"He wanted so desperately to do well," recalled Bob Clasen who served as Comcast president during the young Roberts' apprenticeship. "Everybody was charmed by him. He endeared himself to everybody. There was never any suggestion he wanted the right to go directly to the top. Everybody knew Brian in those days, and we all felt better knowing he was going to be the heir. We felt it was an insurance the company wouldn't be sold."
So there in Sun Valley was Brian Roberts, (his father had skipped the Allen meeting) preparing to take on Andy Grove in front of the most prestigious gathering of media executives in the world. The cable guys decided it might help to plant a question from the audience. They asked Bill Gates to pose it.
In the middle of Roberts' presentation Gates stood up and directed a question at Grove. "You didn't really mean to say that the cable modems won't work?" Gates asked. "You just mean they won't have a big impact on Intel's earnings."
And Grove backed off, conceding that the technology would work but that Grove simply felt that not many of the modems would be rolled out in the near future.
To educate Grove and his colleagues about the progress cable was making on Internet access and other services, the cable CEOs organized, through CableLabs, a tour of Silicon Valley the following spring. They started with Netscape and followed with visits to Intel and Microsoft. At each stop they delivered the message that cable was ready to do what the telephone companies had promised but had failed to deliver: build a high-bandwidth network capable of delivering voice, video and data at high speeds and with great reliability.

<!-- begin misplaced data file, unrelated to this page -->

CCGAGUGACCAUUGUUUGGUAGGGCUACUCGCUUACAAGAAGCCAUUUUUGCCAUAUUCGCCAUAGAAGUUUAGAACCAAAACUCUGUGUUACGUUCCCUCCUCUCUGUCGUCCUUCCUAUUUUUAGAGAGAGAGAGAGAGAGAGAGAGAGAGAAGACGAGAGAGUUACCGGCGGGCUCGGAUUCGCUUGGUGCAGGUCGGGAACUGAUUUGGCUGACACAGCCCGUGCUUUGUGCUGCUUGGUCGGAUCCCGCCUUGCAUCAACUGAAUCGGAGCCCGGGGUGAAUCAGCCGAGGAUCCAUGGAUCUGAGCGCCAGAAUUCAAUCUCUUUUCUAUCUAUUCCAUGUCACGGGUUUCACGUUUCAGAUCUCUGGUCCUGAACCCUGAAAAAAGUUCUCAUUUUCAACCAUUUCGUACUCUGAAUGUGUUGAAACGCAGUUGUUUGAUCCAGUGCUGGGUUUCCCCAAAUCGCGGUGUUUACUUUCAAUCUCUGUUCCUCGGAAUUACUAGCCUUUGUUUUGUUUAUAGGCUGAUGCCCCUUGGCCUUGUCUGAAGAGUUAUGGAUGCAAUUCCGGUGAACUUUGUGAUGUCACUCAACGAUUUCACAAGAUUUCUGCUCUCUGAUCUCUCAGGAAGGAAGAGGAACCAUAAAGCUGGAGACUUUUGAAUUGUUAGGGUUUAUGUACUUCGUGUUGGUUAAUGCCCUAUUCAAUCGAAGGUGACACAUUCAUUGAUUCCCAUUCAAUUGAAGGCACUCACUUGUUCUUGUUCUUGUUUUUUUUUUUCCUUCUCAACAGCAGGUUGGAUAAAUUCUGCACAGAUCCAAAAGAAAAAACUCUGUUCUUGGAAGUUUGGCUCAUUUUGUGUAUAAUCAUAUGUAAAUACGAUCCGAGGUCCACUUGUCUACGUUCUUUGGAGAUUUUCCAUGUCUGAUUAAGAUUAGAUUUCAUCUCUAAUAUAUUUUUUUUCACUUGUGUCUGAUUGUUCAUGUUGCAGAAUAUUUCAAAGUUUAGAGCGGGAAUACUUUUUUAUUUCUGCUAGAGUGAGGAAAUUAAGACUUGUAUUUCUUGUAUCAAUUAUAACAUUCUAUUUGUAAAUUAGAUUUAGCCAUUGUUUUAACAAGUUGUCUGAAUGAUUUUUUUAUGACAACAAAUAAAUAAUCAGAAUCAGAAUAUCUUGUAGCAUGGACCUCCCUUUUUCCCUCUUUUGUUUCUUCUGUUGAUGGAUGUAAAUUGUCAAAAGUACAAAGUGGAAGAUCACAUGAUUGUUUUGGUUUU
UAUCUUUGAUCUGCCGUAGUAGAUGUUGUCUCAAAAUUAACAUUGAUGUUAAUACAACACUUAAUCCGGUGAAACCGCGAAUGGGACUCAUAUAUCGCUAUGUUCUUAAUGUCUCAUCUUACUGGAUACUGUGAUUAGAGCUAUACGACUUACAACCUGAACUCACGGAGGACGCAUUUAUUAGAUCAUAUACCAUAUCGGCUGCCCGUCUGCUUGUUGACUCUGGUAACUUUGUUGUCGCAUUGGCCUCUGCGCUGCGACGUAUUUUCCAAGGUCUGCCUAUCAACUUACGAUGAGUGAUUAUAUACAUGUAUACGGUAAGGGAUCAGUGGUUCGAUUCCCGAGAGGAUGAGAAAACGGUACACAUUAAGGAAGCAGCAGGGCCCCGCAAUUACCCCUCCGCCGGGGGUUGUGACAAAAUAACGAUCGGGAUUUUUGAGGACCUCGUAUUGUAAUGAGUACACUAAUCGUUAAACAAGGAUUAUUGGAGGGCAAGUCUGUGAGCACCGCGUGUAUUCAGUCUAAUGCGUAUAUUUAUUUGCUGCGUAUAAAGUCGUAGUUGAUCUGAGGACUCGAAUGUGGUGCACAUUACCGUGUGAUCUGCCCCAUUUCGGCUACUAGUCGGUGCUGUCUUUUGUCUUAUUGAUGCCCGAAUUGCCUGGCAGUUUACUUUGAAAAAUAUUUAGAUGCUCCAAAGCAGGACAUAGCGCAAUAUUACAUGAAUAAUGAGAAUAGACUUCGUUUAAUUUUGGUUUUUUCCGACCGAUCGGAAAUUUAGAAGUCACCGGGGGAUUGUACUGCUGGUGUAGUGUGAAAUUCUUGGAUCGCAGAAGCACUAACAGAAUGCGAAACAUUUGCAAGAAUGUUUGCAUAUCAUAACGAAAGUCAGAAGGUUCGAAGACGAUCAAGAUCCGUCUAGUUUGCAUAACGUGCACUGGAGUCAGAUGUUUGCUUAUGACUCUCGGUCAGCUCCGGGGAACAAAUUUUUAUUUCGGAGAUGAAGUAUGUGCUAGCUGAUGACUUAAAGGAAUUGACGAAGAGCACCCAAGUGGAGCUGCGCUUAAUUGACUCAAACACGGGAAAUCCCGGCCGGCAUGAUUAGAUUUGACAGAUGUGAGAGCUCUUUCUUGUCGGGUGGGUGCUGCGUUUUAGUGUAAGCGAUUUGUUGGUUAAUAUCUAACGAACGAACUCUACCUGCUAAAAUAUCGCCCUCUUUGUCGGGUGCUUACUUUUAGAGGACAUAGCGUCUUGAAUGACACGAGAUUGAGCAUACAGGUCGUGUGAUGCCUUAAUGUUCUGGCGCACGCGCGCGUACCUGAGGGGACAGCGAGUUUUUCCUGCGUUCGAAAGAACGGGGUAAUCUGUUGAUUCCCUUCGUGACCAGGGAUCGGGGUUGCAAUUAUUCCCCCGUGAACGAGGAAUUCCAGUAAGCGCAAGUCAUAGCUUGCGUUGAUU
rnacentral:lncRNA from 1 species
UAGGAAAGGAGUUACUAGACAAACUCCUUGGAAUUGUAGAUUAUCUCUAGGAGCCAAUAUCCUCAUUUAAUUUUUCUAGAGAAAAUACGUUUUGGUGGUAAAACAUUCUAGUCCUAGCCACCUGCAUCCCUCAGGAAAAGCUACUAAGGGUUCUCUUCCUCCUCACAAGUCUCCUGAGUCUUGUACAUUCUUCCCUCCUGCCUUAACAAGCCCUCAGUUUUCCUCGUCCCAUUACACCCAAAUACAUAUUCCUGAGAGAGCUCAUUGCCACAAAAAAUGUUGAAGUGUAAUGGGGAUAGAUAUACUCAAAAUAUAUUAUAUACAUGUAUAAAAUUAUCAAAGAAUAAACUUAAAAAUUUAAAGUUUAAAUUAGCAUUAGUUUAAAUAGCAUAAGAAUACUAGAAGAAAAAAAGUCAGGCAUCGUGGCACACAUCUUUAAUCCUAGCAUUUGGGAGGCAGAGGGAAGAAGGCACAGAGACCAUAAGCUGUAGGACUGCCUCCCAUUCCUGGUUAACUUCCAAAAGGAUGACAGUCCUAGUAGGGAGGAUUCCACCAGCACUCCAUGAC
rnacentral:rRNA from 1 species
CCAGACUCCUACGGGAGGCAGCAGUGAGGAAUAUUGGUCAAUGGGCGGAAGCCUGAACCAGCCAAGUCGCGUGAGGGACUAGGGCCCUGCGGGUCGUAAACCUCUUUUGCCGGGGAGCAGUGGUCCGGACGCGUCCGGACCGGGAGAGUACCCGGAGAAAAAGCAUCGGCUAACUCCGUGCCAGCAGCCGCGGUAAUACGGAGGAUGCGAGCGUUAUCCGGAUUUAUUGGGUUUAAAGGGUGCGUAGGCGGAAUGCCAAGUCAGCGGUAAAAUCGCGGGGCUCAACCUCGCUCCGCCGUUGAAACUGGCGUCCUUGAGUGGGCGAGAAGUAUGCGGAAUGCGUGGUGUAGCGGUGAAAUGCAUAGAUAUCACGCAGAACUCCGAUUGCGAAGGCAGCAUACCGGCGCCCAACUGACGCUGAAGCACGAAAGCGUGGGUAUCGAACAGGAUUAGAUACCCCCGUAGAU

"When we made the presentation to Gates and told him that two-thirds of the cable plant in the country would be rebuilt by the year 2000 you could almost hear him say 'wow'," Roberts recalled.
The evening after the Microsoft presentation Gates hosted the cable CEOs at dinner in a restaurant overlooking Seattle harbor. At Gates' table were Malone, Roberts and Cox Cable CEO Jim Robbins. The talk turned to cable's depressed stock prices and how badly the industry needed a shot in the arm to raise the money to finish rebuilding its plant.
"Gee, Bill," said Roberts, "why don't you just buy 10% of everybody in the room."
Gates laughed and everybody else laughed and the laughter died down and Gates asked, "Well, how much would that cost? Because I have $10 billion in cash."
A quick calculation arrived at a price of about $5 billion. Everybody laughed again and the talk returned to Gates' upcoming trip to the Amazon River with fellow Microsoft founder Paul Allen.
Then, a few minutes later, Gates got back to the subject. "Would there be any regulatory problems if I bought into the cable business?" he asked. Nobody could think of any.
The dinner went on and the next morning Roberts took some ribbing from Robbins and Malone about his brash attempt to sell the cable business to Bill Gates.
The jokes were over the next day when, back in Philadelphia, Roberts got a call from Microsoft's chief financial officer saying that Gates had asked him to follow up on the idea of buying a stake in Comcast.